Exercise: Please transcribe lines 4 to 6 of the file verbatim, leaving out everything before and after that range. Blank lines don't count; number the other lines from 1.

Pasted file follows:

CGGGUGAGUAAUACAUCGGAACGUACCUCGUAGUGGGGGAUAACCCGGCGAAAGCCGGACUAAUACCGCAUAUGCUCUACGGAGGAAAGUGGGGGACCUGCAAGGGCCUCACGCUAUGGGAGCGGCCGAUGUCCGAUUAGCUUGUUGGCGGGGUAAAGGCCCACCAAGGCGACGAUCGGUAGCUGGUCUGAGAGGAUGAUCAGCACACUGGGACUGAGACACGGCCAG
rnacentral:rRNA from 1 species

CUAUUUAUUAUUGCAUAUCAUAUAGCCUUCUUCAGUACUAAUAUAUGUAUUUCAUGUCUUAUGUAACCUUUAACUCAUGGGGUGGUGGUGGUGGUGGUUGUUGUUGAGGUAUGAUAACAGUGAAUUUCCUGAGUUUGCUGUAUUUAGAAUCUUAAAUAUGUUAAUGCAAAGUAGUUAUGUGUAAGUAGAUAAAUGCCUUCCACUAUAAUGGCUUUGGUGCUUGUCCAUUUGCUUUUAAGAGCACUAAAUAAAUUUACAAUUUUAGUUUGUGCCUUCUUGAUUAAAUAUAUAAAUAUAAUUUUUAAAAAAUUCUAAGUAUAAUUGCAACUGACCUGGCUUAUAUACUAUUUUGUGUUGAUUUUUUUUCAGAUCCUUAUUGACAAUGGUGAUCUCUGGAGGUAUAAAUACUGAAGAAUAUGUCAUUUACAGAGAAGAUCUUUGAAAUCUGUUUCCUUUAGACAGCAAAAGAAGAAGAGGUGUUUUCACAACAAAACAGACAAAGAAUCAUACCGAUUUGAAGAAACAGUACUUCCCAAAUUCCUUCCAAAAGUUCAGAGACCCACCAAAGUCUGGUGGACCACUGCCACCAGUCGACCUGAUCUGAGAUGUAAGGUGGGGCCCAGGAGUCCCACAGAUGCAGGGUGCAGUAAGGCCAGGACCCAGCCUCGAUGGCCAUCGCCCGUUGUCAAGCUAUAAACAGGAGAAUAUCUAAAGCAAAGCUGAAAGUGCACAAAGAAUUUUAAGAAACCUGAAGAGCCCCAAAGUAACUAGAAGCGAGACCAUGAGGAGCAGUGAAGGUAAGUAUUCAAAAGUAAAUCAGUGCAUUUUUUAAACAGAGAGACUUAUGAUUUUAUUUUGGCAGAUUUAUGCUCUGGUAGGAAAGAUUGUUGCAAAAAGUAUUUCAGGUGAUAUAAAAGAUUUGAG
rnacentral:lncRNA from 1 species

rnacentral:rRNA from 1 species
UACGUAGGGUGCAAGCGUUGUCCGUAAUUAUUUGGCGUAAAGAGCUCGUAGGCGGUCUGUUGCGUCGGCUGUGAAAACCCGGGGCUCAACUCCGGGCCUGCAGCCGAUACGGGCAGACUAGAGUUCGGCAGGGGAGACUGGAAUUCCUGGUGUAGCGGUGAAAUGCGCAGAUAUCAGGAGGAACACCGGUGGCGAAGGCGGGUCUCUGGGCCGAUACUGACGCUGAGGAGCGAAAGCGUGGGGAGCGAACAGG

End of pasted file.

rnacentral:lncRNA from 1 species

rnacentral:rRNA from 1 species
UACGUAGGGUGCAAGCGUUGUCCGUAAUUAUUUGGCGUAAAGAGCUCGUAGGCGGUCUGUUGCGUCGGCUGUGAAAACCCGGGGCUCAACUCCGGGCCUGCAGCCGAUACGGGCAGACUAGAGUUCGGCAGGGGAGACUGGAAUUCCUGGUGUAGCGGUGAAAUGCGCAGAUAUCAGGAGGAACACCGGUGGCGAAGGCGGGUCUCUGGGCCGAUACUGACGCUGAGGAGCGAAAGCGUGGGGAGCGAACAGG